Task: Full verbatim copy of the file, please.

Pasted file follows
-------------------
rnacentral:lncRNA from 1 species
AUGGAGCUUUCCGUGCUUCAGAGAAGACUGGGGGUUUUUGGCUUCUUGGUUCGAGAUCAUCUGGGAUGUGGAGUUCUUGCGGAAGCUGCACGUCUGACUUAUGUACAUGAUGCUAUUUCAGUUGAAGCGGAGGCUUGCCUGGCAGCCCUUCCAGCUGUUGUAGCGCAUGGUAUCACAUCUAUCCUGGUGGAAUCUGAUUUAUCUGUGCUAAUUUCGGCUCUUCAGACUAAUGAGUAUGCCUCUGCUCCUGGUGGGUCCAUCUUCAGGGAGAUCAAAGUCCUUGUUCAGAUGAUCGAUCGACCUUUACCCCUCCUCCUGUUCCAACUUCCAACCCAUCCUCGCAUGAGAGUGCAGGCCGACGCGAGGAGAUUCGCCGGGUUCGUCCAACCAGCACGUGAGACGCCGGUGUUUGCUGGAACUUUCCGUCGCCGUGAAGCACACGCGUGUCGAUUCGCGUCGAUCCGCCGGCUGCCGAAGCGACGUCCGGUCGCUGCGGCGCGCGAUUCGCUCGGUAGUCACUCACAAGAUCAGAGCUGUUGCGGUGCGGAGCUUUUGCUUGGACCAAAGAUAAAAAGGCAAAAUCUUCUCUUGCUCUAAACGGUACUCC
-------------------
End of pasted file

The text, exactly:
rnacentral:lncRNA from 1 species
AUGGAGCUUUCCGUGCUUCAGAGAAGACUGGGGGUUUUUGGCUUCUUGGUUCGAGAUCAUCUGGGAUGUGGAGUUCUUGCGGAAGCUGCACGUCUGACUUAUGUACAUGAUGCUAUUUCAGUUGAAGCGGAGGCUUGCCUGGCAGCCCUUCCAGCUGUUGUAGCGCAUGGUAUCACAUCUAUCCUGGUGGAAUCUGAUUUAUCUGUGCUAAUUUCGGCUCUUCAGACUAAUGAGUAUGCCUCUGCUCCUGGUGGGUCCAUCUUCAGGGAGAUCAAAGUCCUUGUUCAGAUGAUCGAUCGACCUUUACCCCUCCUCCUGUUCCAACUUCCAACCCAUCCUCGCAUGAGAGUGCAGGCCGACGCGAGGAGAUUCGCCGGGUUCGUCCAACCAGCACGUGAGACGCCGGUGUUUGCUGGAACUUUCCGUCGCCGUGAAGCACACGCGUGUCGAUUCGCGUCGAUCCGCCGGCUGCCGAAGCGACGUCCGGUCGCUGCGGCGCGCGAUUCGCUCGGUAGUCACUCACAAGAUCAGAGCUGUUGCGGUGCGGAGCUUUUGCUUGGACCAAAGAUAAAAAGGCAAAAUCUUCUCUUGCUCUAAACGGUACUCC